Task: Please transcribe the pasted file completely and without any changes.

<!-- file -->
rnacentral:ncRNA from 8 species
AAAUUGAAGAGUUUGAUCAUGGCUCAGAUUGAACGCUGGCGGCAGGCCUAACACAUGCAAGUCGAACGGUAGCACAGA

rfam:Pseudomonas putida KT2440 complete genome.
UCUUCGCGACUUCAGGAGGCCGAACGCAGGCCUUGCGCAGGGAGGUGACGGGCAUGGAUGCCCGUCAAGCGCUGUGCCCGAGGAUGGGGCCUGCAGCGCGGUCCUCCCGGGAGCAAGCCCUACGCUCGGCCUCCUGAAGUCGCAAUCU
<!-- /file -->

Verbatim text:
rnacentral:ncRNA from 8 species
AAAUUGAAGAGUUUGAUCAUGGCUCAGAUUGAACGCUGGCGGCAGGCCUAACACAUGCAAGUCGAACGGUAGCACAGA

rfam:Pseudomonas putida KT2440 complete genome.
UCUUCGCGACUUCAGGAGGCCGAACGCAGGCCUUGCGCAGGGAGGUGACGGGCAUGGAUGCCCGUCAAGCGCUGUGCCCGAGGAUGGGGCCUGCAGCGCGGUCCUCCCGGGAGCAAGCCCUACGCUCGGCCUCCUGAAGUCGCAAUCU